Old McDonald’s Brings the Farm to the Classroom for Kindergarten Students
By John Wagner
NYFB Field Staff Director
One afternoon during a staff meeting at the Webster Elementary School in Syracuse, Julia Adler-Deyett, a Kindergarten teacher was brainstorming ideas with co-workers. The staff was looking for opportunities to provide to students during the winter break, then one evening while on Facebook, Adler-Deyett saw an advertisement for a virtual farm tour through Old McDonald’s Farm in Sacket Harbor titled ZoomDairy. Adler-Deyett was not a stranger to Old McDonald’s Farm having taken her own children to the farm years before when they were little. She remembered how much her children loved the in-person experience and wanted to do her best to bring that same experience to her students, many who have never been able to visit a farm. Even if it could only be virtually through Zoom, she thought the opportunity for her students to visit an operating dairy farm was too good to pass up, enter Emma Shirley and Old McDonald’s Farm.
For many years, Old McDonald’s Farm, North Harbor Dairy, and the Robbins Family in Sackets Harbor have been heavily invested in bringing educational opportunities to school-aged children and the public. Just prior to the COVID-19 pandemic the family had taken steps to establish a non-profit entity, The Sackets Harbor Ag Education and Awareness Center (SHAEAC).
The mission of this new entity would be to positively impact and foster relationships with the community through increasing the understanding of modern agriculture.
The non-profit engaged in the hiring of an Agricultural Education Coordinator to facilitate programs between the farm businesses and area schools and the community, enter Emma Shirley. Emma had previously been a 4-H after school educator at the Belleville-Henderson Central School and had worked at Old McDonald’s over the past 10 years on a part-time basis assisting with the Discover Farming learning center, but it was not until the formation of the non-profit that the need for a full-time Agricultural Education Coordinator presented itself.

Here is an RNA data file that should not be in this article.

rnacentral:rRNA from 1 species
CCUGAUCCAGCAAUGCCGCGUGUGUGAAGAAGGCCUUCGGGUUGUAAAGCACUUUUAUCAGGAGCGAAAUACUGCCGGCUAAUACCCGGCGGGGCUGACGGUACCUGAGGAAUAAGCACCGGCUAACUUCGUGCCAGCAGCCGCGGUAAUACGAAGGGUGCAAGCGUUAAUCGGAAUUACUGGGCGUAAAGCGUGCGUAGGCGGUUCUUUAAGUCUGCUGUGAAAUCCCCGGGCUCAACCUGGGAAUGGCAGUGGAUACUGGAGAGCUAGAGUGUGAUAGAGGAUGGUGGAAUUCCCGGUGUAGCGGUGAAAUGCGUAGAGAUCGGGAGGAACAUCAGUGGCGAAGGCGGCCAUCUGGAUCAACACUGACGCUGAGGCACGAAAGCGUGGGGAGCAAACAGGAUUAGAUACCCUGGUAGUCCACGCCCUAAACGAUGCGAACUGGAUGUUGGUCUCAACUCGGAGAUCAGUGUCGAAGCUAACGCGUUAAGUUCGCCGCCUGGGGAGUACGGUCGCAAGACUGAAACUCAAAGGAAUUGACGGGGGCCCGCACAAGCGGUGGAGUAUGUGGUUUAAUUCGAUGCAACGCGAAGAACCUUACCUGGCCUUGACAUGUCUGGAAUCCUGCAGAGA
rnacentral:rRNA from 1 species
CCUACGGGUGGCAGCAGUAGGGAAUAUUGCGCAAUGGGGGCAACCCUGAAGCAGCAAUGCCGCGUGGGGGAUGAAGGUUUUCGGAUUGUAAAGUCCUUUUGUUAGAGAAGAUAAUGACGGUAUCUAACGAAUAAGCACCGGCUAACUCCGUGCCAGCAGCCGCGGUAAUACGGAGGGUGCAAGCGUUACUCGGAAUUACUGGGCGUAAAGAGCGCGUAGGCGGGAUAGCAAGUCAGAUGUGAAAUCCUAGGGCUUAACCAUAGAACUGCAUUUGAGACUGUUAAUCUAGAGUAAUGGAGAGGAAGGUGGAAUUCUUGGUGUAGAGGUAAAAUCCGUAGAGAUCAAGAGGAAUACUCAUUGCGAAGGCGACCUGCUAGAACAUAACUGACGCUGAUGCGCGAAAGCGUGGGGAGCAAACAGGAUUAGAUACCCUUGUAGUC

During COVID the education center had to adapt to COVID protocols and was able to open on a limited basis but when the center closed at the end of fall, the idea for ZoomDairy really took hold, the center had been doing farm tours for nearly 20 years so the transition to a virtual tour was easy. The live, interactive virtual tours last 40 minutes and take the participants on a tour of North Harbor Dairy.
The tour begins in the calf barns and then makes its way to the maternity pens where on most days the participants are treated to a live birth or two, this was super exciting for the students in Adler-Deyett’s class as the students had neve seen a live birth before. From the maternity pens the tour participants are brought into the free stall facility where they learn about nutrition and the importance of the crop growing side of the farm in providing a balanced diet for the animals.
After learning about the daily diet of the animals the tour finally makes its way into the milking parlor where viewers are presented two different views of the milking system, an eye level view, and an aerial view from above the cows. One of the unique things about the ZoomDairy Tour is the opportunity for participants to “adopt” a newborn calf and name her.
Adler-Deyett’s class “adopted” four calves that they will now follow throughout the school year: Mittens, Cowie, Dalmatian, and Pikachu will now be part of the classroom curriculum for the remainder of this year for Adler-Deyett’s students.
The students enjoyed the tours so much that they have scheduled to check back in with their calves during spring break and tour the farm again.
Emma Shirley demonstrates the front end of the operation at Old McDonald’s Farm in Sacket Harbor for students in Julia Adler-Deyett’s Kindergarten class.
Students in Julia Adler-Deyett’s, Kindergarten class at the Webster Elementary School in Syracuse named these calves as part of their Zoom Dairy Tour with Old McDonald’s Farm and North Harbor Dairy. Their names are Dalmatian (tag 88), Mittens (tag 85), Pikachu (tag 83) and Cowie (tag 86).